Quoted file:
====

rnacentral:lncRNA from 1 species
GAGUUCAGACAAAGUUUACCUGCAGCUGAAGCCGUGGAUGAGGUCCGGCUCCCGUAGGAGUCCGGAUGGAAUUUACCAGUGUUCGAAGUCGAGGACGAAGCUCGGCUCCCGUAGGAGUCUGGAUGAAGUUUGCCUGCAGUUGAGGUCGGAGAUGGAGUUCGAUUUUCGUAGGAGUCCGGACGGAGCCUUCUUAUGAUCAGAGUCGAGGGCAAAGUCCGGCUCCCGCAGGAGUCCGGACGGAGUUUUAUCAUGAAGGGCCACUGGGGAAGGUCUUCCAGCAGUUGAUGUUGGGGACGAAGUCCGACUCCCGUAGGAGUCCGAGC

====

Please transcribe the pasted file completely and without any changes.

rnacentral:lncRNA from 1 species
GAGUUCAGACAAAGUUUACCUGCAGCUGAAGCCGUGGAUGAGGUCCGGCUCCCGUAGGAGUCCGGAUGGAAUUUACCAGUGUUCGAAGUCGAGGACGAAGCUCGGCUCCCGUAGGAGUCUGGAUGAAGUUUGCCUGCAGUUGAGGUCGGAGAUGGAGUUCGAUUUUCGUAGGAGUCCGGACGGAGCCUUCUUAUGAUCAGAGUCGAGGGCAAAGUCCGGCUCCCGCAGGAGUCCGGACGGAGUUUUAUCAUGAAGGGCCACUGGGGAAGGUCUUCCAGCAGUUGAUGUUGGGGACGAAGUCCGACUCCCGUAGGAGUCCGAGC